How much work was it to work around the actual differences? Everyone loves to throw around the number of different platform variants, but how bad were the actual problems you found? (I realize that the great number of platform variants makes testing take longer, even if you don't find any bugs in that variant.)
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For some topics, it's difficult to find an impartial-but-competent editor. Take politics: if the editor understands the topic, they will very likely have a personal position on it. If they don't understand it, they probably won't be able to figure out what's worth including, and how much coverage to give different points of view. (Articles that simply list every possible point of view -- like "Some people believe this; other people believe that..." -- are rather useless.) At some point, someone needs to make a judgement over which points of view are fringe and which are mainstream, if only to convey that to their readers, and that is a judgement that someone will always contest.
.xxx domain, if it ever gets approved, would allow people and countries that do not want to see porn to have a way to ensure that they will never see it unless they intentionally go to those sites.
A "country" cannot decide for its people that it "doesn't want to see porn". I can assure you, at least some people (of legal age) in that country probably want to see it, and it's not (morally) up to the country to make that decision.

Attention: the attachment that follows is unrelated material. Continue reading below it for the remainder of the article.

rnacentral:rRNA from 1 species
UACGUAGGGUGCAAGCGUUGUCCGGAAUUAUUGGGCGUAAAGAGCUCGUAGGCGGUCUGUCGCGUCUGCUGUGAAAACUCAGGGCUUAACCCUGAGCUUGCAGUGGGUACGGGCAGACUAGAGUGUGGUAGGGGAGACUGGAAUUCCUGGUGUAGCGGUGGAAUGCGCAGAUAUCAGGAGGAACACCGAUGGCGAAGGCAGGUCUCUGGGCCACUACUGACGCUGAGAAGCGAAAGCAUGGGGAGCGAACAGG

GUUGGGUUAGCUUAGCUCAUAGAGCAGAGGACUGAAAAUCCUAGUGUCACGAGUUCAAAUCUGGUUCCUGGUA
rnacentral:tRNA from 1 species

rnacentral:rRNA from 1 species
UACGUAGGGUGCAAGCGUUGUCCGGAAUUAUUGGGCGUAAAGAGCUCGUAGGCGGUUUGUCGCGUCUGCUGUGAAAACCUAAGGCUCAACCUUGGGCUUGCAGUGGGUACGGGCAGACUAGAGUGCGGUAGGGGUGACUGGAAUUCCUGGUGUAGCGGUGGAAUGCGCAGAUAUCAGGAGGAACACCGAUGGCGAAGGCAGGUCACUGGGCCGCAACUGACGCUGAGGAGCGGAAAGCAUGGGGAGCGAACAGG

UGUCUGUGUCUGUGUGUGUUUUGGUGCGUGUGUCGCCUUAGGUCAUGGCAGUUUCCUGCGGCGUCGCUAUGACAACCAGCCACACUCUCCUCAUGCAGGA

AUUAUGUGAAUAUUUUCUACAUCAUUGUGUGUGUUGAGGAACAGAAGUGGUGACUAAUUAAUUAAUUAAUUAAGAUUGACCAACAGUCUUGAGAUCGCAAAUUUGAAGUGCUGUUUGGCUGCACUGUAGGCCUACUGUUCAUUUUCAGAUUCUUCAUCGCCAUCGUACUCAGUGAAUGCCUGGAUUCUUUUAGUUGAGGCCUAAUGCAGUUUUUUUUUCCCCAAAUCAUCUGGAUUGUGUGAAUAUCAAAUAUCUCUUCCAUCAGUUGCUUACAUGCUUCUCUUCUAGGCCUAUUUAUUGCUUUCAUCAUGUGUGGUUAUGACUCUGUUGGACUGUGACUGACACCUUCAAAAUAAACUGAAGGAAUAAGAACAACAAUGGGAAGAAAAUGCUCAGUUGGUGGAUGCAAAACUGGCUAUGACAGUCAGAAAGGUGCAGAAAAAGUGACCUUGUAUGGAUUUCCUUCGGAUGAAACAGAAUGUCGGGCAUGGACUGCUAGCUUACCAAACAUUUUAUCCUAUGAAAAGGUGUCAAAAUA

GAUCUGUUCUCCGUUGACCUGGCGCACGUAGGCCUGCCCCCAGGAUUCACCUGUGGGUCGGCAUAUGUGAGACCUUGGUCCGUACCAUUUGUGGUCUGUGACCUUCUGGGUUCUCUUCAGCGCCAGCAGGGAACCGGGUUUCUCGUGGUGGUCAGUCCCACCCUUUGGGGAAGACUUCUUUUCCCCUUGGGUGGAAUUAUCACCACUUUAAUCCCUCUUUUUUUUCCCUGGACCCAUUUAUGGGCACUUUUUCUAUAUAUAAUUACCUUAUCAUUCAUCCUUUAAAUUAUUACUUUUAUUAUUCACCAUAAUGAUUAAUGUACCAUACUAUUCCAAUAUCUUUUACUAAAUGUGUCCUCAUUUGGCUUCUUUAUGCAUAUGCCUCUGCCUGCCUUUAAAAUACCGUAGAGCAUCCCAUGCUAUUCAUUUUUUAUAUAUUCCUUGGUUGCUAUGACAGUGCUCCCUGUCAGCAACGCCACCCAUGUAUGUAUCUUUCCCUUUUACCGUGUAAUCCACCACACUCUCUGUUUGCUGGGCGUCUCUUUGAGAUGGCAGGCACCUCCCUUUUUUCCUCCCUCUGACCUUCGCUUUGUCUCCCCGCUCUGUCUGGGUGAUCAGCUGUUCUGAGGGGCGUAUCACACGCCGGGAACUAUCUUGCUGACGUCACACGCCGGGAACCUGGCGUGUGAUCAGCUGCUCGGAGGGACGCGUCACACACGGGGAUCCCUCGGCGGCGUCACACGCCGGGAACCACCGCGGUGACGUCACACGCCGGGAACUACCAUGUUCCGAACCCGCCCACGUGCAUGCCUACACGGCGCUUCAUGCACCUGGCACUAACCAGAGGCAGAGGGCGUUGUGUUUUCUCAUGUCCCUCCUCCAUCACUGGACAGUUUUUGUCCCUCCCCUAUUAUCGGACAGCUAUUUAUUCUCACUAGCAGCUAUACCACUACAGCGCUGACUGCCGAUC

The whole point of the GPL is that it grants a certain set of rights to anyone who gets the software, and requires them to pass those rights on to anyone they redistribute it to. Making it modular would make it easier for people to remove rights from the GPL that they don't like (say, the anti-Tivoization provision in GPL3). The FSF would never agree to it. (You might be able to just reuse their license text, depending on how it's licensed, though
I'd like to second this. I'm only using them for my personal sites, but their service runs fairly well, and their pay-for-usage model is neat. Their web interface for members is also elegant -- simple, not bogged down with graphics, works great in text browsers or from a phone.
Most scanners of this type do not even record enough detail to qualify as evidence. Those that do must have their data shared with law enforcement,
Do they have to just volunteer all the data automatically, or only if law enforcement asks? (If the former, .)
Forget it too many times and they started to take disciplinary action.
...put it in your wallet, or on a keyring (if you can hole punch it)?
they should have used one that's sensible and not as easily exploitable.
...just to clarify, our course policy said that student work was supposed to be done individually. If students need help, they are supposed to come to office hours or email the staff, not ask a friend.)
True story 1: TA'ing at an institution with a mandatory-failure policy, I noticed two students copying each others' assignments. Thing was, they were mid-career professionals married to one another. What to do?